Royal Gorge Railroad War

In the 1870’s a small section of narrow gage railroad line snaked its way down the cavernous walls of the Arkansas Canyon in the heart of Colorado. Control of this rail line would play out as a significant melodrama in the mining history of the state and would be later referred to as the “Royal Gorge War”. The incident took place in the Arkansas Canyon during the years 1878-1880.

Bat Masterson and Ben Thompson, two noted gunmen of the day, sided with one of the warring railroad companies – the Atchison, Topeka, & Santa Fe (AT&SF). The rail company was trying to lay claim to the tracks that their rival, the Denver and Rio Grande (D&RG) had built in 1872 as a lucrative link between Denver and Pueblo.

The stage was set in 1872 when the Denver and Rio Grande (D&RG) Railroad Company built a narrow gauge rail line from Denver to Pueblo, Colorado. Next they opened a line from Pueblo to Canon Coal Mines, which lay 37 miles to the west of Pueblo. Then building south of Pueblo, they ran a line through the mountains of southern Colorado and into the San Luis Valley until they reached El Moro in 1876. They extended the rail line to Fort Garland in 1877 and finally to Alamosa in June of 1878.

Around same time frame the Atchison, Topeka & Santa Fe (AT&SF) Railroad Company was building west of Kansas City. The AT&SF reached the Colorado line by 1872, but due to delays did not reach Pueblo until 1876. During that same year, Leadville was booming as a center for the silver mines and a great deal of money was to be made freighting goods into and out of the city.

Realizing this potential, the AT&SF decided to run a rail line from Pueblo to Leadville. This required the line to pass through the Royal Gorge of the Arkansas River, which was situated fifty miles west of Pueblo. The narrow pass would allow only one rail line to be constructed. This was the crux of the conflict; the D&RG wanted the same thing.

By 1878, both railroad companies had rushed men and equipment to the area hoping to secure the right of way through the gorge while the company attorneys battled for court rulings in their favor. In April of that year, the AT&SF had stationed more than 300 men in the canyon to secure their line construction sites. The D&RG matched that number but had trouble keeping the men hired because their rival paid higher wages.

The AT&SF attorneys got a local court to issue a temporary injunction against the D&RG, halting any further work in the canyon. But, before the AT&SF could take advantage of this opportunity the D&RG got their court order blocking the Kansas company from doing any further work on their line. With both companies at a standstill, men were placed at critical spots in the canyon to ensure that they had control of the line and the equipment.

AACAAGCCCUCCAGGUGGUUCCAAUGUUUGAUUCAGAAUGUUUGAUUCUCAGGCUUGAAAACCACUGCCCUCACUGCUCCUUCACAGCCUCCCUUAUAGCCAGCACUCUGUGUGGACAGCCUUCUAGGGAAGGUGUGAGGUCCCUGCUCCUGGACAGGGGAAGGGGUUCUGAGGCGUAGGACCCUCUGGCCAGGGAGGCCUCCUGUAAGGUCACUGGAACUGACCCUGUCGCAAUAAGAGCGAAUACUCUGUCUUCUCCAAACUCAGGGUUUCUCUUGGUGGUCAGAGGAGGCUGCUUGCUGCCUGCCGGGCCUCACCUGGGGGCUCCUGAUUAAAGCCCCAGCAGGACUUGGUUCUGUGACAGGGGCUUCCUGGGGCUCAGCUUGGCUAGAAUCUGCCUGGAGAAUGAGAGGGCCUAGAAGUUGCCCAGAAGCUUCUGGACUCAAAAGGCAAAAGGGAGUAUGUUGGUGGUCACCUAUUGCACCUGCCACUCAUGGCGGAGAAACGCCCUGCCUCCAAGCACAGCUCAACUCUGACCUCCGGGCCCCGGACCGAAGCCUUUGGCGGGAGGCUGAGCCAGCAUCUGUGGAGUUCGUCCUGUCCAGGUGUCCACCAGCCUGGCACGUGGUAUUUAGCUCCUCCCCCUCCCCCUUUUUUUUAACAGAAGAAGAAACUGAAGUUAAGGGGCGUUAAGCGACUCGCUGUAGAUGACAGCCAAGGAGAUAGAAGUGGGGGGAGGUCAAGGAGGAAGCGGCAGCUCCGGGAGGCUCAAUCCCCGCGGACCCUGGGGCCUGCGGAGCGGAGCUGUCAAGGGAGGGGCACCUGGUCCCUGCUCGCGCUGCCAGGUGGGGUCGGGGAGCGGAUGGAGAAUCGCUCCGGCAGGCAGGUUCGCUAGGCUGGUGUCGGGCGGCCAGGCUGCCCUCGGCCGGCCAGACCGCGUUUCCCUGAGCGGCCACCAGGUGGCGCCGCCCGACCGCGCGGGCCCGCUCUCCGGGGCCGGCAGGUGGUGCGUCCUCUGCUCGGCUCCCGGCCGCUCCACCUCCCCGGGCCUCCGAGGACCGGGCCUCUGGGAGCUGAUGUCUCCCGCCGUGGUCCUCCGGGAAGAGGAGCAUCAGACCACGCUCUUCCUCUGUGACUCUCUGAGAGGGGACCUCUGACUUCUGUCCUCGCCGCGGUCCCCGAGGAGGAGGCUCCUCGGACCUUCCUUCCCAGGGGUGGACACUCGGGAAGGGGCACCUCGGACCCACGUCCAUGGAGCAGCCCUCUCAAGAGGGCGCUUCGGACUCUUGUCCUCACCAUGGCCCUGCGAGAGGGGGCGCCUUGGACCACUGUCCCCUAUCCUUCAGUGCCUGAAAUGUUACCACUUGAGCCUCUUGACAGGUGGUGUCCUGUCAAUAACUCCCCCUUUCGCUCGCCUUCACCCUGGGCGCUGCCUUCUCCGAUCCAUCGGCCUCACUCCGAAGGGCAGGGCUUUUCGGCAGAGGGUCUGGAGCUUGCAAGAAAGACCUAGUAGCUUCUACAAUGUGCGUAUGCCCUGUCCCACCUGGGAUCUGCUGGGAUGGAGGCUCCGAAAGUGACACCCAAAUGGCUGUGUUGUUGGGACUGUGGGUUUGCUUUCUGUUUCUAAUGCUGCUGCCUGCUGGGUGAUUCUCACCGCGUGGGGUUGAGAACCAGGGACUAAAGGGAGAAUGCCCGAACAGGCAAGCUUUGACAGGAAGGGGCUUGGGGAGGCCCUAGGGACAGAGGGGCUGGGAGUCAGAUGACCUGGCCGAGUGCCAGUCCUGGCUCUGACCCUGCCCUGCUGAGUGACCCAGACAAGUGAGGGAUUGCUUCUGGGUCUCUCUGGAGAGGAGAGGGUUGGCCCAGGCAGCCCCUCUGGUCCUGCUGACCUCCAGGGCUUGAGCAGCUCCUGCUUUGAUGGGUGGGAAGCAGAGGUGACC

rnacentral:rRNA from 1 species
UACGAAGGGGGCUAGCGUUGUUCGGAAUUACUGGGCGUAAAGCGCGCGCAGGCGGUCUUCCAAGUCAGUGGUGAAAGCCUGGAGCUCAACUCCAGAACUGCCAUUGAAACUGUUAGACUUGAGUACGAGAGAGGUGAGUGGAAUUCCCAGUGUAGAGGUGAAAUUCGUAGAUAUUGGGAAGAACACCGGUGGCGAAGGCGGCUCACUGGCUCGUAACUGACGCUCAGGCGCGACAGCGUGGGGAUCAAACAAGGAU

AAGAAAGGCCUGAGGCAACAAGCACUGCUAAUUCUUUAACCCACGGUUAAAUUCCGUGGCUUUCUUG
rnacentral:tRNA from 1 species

The D&RG built several stone forts under direction of their Chief Engineer, a man by the name of James R.DeRemer who had served in the Civil War and knew how to construct the rock breastwork needed for fighting a battle. These dry-laid masonry “DeRemer Forts” built at Texas Creek and Spikebuck featured gun ports and a commanding view of the track below.

Fortunately, for both sides, the rock forts were never used for ambushing each other. By November of 1878 the D&RG ran out of money and was forced to make a pact with their arch rival. On December 1 of that year, they issued a 30-year lease to the AT&SF, which gave them the use of all of the rail lines and all equipment – including the rolling stock.

Once the AT&SF had control of all the tracks and trains they quickly started squeezing in more business for Kansas City and less for Denver. Realizing their mistake, the D&RG started legal action to break the lease. Finally, in the early part of 1879 the case was brought before the Supreme Court in Washington. Anticipating a violet response, regardless of the court ruling, each company sent in armed men to defend their rights and property. The AT&SF hired Bat Masterson and a posse of 33 men he recruited in Dodge City to set up a camp in the canyon to defend their construction men and the company property. They arrived on a special train and after setting up the camp, dubbed “Dodge City”, Bat returned to Kansas.

On April 21, the Supreme Court ruled that the D&RG had the prior right to the Canyon, but did not have the exclusive rights. The decision, diluted as it was, did not please either party. In the latter part of May, the Colorado Attorney General entered a suit in the State court to halt the AT&SF from operating railroads within the state. Then on June 10, State Judge Thomas M. Bowen issued a writ stopping the AT&SF from using or operating any of the D&RG buildings, equipment or rolling stock – essentially nullifying their lease. With Judge Bowen’s writ in hand the officers of the D&RG went to the sheriffs of each county traversed by the railroad lines to take possession of all of their property.

Before the writs could be delivered to the county sheriffs, AT&SF instructed Bat Masterson to return to Colorado and concentrate their forces in Pueblo. He quickly recruited 50-armed men and brought them in on a special train. Included in this group were Ben Thompson and a dozen of his fellow Texans.